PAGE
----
Can You Get HIV from Oral Saliva
HIV isn’t in the spotlight here like it used to be compared to 4 decades ago. In the 1980s the medical community realized HIV (AIDS) was a very prominent health risk that had the possibility of becoming an epidemic along with a death sentence for many people. The specter of AIDS has gone away for the most part, but some people still need the same access to HIV treatment protocols. Knowledge is good too, and some may ask can you get HIV from oral. You can’t, although it’s wise to be smart about coming into contact with other people’s bodily fluids at any time.
So, there is no grey area here. Can you get HIV from oral saliva? No, you can’t but you should know that a person who is infected with the HIV virus will have it in their saliva. It will be in all bodily fluids when a person has it, but the only way the virus will be able to proceed into full-blown AIDS is if you’re exposed to a sufficient amount of it for starters. Oral contact like kissing will never result in the transmission of HIV from one kisser to the other. The exception to that is if the person has an open wound or sore in their mouth. If so, there is a risk of contracting HIV.
What needs to be said here in relation to can you get HIV from oral saliva is this; use judgment in advance of any scenario where you might engage in risky behaviour. When you have blood containing the virus exposed to your bloodstream, is where the greatest risk for an HIV infection occurs. This is why public health agencies are so inflexible about screening people who are donating blood. And the risk of unprotected sex causing HIV is well known too. Be exposed to semen or vaginal fluid from anyone with the virus and you are nearly guaranteed of contracting HIV. But can you get HIV from oral saliva? No.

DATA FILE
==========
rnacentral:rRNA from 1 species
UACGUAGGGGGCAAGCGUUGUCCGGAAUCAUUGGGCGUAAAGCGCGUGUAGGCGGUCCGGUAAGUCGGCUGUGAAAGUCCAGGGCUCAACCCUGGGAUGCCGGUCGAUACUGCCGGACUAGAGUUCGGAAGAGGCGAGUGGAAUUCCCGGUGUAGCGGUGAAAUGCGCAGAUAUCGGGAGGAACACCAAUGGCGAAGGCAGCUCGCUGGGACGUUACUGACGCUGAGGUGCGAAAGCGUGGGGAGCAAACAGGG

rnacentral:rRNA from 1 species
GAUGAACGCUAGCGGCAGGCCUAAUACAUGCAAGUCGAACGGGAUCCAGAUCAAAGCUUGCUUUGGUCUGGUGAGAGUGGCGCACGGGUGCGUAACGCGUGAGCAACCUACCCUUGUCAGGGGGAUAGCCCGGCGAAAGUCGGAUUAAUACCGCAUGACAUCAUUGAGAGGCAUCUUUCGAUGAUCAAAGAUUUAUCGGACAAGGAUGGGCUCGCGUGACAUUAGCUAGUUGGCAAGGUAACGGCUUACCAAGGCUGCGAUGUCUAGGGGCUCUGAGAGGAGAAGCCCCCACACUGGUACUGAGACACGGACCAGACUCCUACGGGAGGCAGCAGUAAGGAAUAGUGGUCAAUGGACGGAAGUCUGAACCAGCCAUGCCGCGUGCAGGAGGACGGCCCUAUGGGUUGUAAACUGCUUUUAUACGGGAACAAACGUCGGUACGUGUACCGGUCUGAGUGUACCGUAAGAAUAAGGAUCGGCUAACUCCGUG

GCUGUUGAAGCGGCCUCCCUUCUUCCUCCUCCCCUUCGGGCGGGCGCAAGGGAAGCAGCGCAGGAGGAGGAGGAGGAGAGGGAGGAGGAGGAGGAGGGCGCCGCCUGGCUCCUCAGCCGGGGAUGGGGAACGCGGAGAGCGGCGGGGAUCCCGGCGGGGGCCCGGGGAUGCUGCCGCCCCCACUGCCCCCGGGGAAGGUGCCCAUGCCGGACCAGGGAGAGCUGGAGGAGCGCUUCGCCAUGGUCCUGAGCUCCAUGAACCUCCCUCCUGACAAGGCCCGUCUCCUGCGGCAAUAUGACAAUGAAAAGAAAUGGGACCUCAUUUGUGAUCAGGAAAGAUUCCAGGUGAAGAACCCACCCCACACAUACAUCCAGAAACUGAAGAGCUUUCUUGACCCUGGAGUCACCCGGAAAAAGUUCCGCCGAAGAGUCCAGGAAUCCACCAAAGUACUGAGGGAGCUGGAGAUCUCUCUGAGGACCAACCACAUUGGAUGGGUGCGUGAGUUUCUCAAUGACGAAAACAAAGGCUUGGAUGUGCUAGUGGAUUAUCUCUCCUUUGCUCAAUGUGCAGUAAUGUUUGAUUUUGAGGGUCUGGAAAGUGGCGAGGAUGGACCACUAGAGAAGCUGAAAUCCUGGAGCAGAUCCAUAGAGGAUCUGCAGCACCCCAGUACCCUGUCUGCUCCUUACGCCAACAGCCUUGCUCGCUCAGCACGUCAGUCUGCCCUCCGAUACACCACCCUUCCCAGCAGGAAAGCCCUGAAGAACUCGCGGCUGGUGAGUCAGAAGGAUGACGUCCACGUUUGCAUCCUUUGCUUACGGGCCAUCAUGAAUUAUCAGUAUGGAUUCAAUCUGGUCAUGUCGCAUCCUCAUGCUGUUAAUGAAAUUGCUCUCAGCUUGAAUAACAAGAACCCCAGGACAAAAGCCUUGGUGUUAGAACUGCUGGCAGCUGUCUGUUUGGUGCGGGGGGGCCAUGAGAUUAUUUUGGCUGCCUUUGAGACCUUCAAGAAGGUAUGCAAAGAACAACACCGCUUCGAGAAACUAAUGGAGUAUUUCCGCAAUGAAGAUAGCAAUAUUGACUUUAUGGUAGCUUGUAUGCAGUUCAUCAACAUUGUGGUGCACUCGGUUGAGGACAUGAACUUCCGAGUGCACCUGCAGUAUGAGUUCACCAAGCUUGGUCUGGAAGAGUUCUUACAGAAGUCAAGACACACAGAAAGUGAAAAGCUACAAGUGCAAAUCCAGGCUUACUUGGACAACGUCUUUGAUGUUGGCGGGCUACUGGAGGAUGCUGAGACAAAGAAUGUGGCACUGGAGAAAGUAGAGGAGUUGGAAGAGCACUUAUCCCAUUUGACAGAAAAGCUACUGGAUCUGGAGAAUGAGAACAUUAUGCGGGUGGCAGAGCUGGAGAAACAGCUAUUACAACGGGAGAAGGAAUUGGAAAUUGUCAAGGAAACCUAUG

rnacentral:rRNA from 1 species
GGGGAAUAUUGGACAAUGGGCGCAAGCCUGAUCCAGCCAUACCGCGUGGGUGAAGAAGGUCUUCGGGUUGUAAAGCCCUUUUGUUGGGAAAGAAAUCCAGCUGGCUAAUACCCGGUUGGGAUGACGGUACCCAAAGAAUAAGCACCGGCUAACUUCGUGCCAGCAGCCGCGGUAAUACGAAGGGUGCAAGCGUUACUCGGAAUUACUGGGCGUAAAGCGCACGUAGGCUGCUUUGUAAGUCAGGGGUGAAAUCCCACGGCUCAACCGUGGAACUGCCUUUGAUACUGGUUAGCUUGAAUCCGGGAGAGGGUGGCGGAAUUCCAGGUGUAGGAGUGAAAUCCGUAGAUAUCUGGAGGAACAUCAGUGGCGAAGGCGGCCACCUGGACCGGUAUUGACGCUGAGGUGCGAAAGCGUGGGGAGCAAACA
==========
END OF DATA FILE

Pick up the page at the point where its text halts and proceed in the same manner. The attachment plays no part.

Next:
Prominent Risk Factors
The most important takeaway is that you should be smart about your sexuality. In any instance where you might be having casual sex then using protection – including for oral sex – is a wise choice. Can you get HIV from oral saliva is a myth, but as mentioned if there is any type of would oozing even the slightest bit of blood in their mouth then the risk of HIV infection is immediately there. The chances of getting AIDS from saliva is under 0.1% if there’s nothing in the way of an open wound in the mouth.
The last thing to say around can you get HIV from oral saliva is this. Good dental hygiene also involves taking care of your gums, and this will be even more important if you have any condition that is making your gums recede. No relation to this risk of contracting HIV, but there can be a connection between gum disease and heart disease and as you’d likely guess you have much of a chance of dying of heart disease rather than AIDS if you’re a middle-aged person who’s married or in a long-term committed relationship.
IMPORTANT NOTE: The above information is intended to increase awareness of health information and does not suggest treatment or diagnosis. This information is not a substitute for individual medical attention and should not be construed to indicate that use of the drug is safe, appropriate, or effective for you. See your health care professional for medical advice and treatment.